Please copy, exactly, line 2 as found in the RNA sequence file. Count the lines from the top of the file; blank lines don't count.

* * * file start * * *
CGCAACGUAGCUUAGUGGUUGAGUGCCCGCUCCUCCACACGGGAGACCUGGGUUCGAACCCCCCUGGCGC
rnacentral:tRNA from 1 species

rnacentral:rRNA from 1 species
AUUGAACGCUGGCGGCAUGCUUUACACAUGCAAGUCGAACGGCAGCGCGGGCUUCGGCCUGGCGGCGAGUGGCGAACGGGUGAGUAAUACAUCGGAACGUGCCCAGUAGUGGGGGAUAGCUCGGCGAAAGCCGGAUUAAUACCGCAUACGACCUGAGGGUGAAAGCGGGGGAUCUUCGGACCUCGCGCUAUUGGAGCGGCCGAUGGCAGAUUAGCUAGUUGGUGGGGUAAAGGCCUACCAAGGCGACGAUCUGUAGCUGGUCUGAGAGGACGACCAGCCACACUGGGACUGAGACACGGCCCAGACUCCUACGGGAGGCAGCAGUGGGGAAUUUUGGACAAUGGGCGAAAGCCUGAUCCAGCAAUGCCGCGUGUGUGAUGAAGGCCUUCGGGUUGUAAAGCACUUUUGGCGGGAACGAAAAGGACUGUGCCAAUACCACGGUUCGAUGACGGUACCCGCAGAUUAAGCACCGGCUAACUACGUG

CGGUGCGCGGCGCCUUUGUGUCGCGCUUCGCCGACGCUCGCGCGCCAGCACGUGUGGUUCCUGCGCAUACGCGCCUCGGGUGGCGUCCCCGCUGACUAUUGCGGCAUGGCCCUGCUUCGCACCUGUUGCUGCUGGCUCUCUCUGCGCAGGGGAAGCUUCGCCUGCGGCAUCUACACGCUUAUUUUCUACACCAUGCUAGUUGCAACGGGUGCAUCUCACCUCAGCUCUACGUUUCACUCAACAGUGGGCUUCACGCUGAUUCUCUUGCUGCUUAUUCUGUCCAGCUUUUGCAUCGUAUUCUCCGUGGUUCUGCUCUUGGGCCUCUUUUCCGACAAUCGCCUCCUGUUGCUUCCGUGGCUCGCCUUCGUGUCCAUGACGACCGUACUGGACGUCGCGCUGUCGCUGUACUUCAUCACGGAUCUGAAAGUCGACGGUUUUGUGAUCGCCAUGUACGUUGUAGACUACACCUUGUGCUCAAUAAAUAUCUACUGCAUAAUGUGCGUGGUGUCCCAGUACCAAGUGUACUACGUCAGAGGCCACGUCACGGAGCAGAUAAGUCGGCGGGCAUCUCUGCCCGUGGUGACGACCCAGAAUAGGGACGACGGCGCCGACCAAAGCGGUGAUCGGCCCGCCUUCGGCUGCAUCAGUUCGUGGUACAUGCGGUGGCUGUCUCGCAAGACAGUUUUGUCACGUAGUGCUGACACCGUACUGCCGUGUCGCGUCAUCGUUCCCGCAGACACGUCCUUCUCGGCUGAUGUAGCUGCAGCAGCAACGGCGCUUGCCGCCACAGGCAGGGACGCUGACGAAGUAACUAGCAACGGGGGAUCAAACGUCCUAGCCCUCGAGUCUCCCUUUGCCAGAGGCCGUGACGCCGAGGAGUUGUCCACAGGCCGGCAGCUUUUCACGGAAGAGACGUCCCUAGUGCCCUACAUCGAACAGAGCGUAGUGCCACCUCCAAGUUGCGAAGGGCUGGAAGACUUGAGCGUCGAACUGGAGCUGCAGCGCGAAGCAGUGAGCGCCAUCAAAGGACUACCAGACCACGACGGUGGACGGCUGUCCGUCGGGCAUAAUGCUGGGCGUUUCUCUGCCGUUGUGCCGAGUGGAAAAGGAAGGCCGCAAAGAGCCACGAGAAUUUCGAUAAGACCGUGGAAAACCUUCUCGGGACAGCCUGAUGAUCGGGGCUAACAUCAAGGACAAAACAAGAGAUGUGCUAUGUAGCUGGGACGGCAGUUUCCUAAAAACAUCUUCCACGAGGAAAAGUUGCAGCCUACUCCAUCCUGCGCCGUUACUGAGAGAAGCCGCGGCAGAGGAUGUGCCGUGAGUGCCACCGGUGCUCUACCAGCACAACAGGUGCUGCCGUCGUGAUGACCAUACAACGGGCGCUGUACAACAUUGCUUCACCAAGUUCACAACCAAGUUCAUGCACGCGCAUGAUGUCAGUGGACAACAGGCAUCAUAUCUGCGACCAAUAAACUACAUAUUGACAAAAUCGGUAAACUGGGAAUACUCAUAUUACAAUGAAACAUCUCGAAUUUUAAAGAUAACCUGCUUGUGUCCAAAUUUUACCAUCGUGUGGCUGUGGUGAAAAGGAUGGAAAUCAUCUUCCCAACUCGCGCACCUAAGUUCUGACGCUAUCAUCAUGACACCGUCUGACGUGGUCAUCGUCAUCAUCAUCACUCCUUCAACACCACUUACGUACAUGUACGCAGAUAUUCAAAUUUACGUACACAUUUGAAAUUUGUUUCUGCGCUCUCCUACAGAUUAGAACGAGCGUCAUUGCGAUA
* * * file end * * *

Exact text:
rnacentral:tRNA from 1 species